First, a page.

NASA's IMERG Adds Up More of Southern India's Extreme Rainfall

Data from the Global Precipitation Measurement or GPM mission core satellite were used to help estimate rainfall data. GPM is a satellite co-managed by both NASA and the Japan Aerospace Exploration Agency.

The city of Chennai on India's southeastern coast was hit particularly hard.  More than 260 deaths have been reported in the Indian state of Tamil Nadu. Data from NASA's Integrated Multi-satellitE Retrievals for GPM (IMERG) were used to estimate the flooding rainfall that fell from November 28 to Dec. 4, 2015.  Over 400 mm (15.7 inches) of rainfall were estimated over areas south of Chennai.

The highest rainfall totals were estimated by IMERG to be over 500 mm (19.7 inches) in an area just of the southeastern coast of India.

The Integrated Multi-satellitE Retrievals for GPM (IMERG) creates a merged precipitation product from the GPM constellation of satellites. These satellites include DMSPs from the U.S. Department of Defense, GCOM-W from the Japan Aerospace Exploration Agency (JAXA), Megha-Tropiques from the Centre National D’etudies Spatiales (CNES) and Indian Space Research Organization (ISRO), NOAA series from the National Oceanic and Atmospheric Administration (NOAA), Suomi-NPP from NOAA-NASA, and MetOps from the European Organization for the Exploitation of Meteorological Satellites (EUMETSAT).  All of the instruments (radiometers) onboard the constellation partners are inter-calibrated with information from the GPM Core Observatory’s GPM Microwave Imager (GMI) and Dual-frequency Precipitation Radar (DPR).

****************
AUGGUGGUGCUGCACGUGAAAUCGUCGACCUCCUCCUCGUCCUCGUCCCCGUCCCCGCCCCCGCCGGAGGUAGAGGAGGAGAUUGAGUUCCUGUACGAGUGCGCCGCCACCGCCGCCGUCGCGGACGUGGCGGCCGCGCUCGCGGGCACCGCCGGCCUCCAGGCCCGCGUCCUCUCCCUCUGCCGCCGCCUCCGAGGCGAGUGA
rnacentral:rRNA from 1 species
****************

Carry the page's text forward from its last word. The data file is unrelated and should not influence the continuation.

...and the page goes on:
Images and caption by Hal Pierce (SSAI/NASA GSFC)